The Coen brothers are two of the most talented American film-makers working in the main-stream today. That’s without question. Yet, with a lack of consistency only matched by Kevin Smith, their works generally fall into two categories. Their films, generally, are either modern masterpieces like Fargo or The Big Lebowski or they’re just unbelievably awful like The Ladykillers. I don’t know if they’ve made a film that has divided audiences more than the film they finally took home the Oscar for, No Country for Old Men. I, myself, go back and forth between thinking it’s a great movie or terribly over-rated, although for this review I erred back on the side of great again.
No Country for Old Men is a neo-western crime thriller that tells the story of three men that couldn’t be more different. Josh Brolin plays Llewelyn Moss, a cowboy who finds the remains of a drug-related shoot-out and takes $2 million in cash from the scene. Javier Bardem (in the defining performance of his career so far) plays Anton Chigurh, a hit man hired to find Llewelyn and the money and to get it back. He’s a cold-blooded psychopath who won’t let anything stop him from achieving his goal. Finally, Tommy Lee Jones plays Sheriff Tom Bell, an aging law-man who finds himself powerless in a world where the violence and vice have outgrown the world he once knew. As fate would have it and the film is very insistent that it is fate, these men are on an inevitable collision course.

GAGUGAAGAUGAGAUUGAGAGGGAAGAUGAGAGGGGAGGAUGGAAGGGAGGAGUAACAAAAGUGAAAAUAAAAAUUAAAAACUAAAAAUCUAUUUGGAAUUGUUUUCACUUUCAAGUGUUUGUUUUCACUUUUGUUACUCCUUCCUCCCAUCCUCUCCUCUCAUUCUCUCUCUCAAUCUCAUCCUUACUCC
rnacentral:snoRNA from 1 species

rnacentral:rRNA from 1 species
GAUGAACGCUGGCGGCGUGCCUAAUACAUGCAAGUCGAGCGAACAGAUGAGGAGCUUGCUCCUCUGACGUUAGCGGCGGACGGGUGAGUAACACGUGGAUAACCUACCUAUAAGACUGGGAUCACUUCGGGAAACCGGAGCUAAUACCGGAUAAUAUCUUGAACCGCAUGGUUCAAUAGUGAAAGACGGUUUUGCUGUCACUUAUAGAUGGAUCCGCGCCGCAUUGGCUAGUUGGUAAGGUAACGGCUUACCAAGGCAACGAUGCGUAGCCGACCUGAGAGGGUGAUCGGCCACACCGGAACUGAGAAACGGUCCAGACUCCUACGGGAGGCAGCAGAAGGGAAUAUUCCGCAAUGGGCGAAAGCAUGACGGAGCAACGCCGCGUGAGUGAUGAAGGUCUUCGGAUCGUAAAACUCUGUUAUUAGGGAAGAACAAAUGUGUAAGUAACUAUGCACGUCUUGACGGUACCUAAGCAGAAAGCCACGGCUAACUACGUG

On the surface, what I just described is what the film is about. And from a sheer plot standpoint, Anton and Llewelyn are the two main characters of the film. But the heart and soul of the film is Sheriff Bell, a man of old principles and old values lost in a modern world where his values are meaningless. Anton represents a man who is inherently amoral even if he has his own code or set of principles. His understanding of the world is so fundamentally different from our own. Llewelyn is a modern opportunist who, when he stumbles across a scene of violence, loots the money and lets fate decide the outcome of himself and his loved ones. The message and moral of the film itself comes across in the different dialogues and/or monologues that Sheriff Bell has throughout the film, although the most important and powerful is the one towards the end between him and his brother discussing the old days of being a sheriff and why he feels he now needs to retire.
No review of this film would be complete without discussing the practically iconic performance of Javier Bardem as Anton Chigurh. If the Coen brothers have one definig trait as directors and writers, it is a knack for packing their films full of memorable characters like the Dude or Marge Grundersson. Anton Chigurh is easily their best character since the Dude and Javier Bardem plays him with such cool, calculating menace that he becomes a terrifying production. Every detail of the performance is perfectly managed and portrayed. Javier Bardem is a multiple Oscar nominee and if he can continue to choose fabulous roles like these, I can’t imagine him not winning at least one more Oscar in the future. Along with Christoph Waltz in Inglourious Basterds, this was one of the defining supporting performances of the 2000’s.
I understand why this film is so divisive. It is so far removed from what one normally expects from a Coen brothers’ picture. It lacks the surrealism and humor that is normally a touchstone of their films. It’s dark and gritty and ambiguous as hell. However, I think they took a gamble here with their style and it paid off. I know a lot of people were confused by the ending, which I thought was pretty straight-forward but I guess pay attention. If you haven’t seen this movie yet, you need to watch it. It’s a great film and there’s no one that I couldn’t see myself recommending it to.
Final Score: A-